Exorcism, the devil and the Catholic Church in Ireland

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Exorcism, the devil and the Catholic Church in Ireland

Exorcisms carried out by the Catholic Church are becoming more commonplace in Ireland. But why?

For most of the 20th century, exorcism, the process of forcing an evil spirit to leave a person or place by using prayers,[1] was very rare in Western nations and often regarded with embarrassment by Catholic authorities.[2] However, in the past two decades, the Catholic Church (henceforth referred to as the Church) has made a U-turn in its attitudes towards exorcism. The Catechism of the Catholic Church, first published in 1992, states that the Church authorises priests to conduct exorcisms for those who are believed to be the victims of demonic possession.[3]

In recent years, there has been an increase in the demand for exorcisms carried out by Catholic priests in Ireland. Fr Pat Collins, Irish priest and exorcist, has called for extra help for people oppressed by evil spirits and says there is an urgent need for deliverance ministry amid a “crisis of meaning” in Ireland.[4] This article will examine the role of exorcism in the Church in Ireland and see how this phenomenon manifests in the present day.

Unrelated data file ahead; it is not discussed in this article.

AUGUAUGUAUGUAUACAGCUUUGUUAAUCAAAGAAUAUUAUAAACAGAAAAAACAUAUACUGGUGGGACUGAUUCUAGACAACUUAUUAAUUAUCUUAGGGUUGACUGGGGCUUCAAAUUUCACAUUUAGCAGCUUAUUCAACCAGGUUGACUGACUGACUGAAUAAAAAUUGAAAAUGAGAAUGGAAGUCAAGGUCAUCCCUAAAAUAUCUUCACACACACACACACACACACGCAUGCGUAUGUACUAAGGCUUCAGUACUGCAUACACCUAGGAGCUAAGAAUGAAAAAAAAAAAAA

“An ancient feature”[5]

Exorcism has always been a feature of the Church and was an “essential part of early Catholicism” but was not formalised in any way.[6] During the Middle Ages, exorcism altered and the holiness of saints and their shrines, deemed capable of miracles, began to take precedence over actual exorcisms. In 1614, the Church released the Rituale Romanum which contained the script to be read by a priest during an exorcism.[7] The rites recorded in the Rituale remained unchanged until 1999 when, under Pope John Paul II, edits were made. Additions included a warning for exorcists to use “the maximum circumspection and prudence” in determining whether a sufferer needs exorcism or psychiatric care.[8]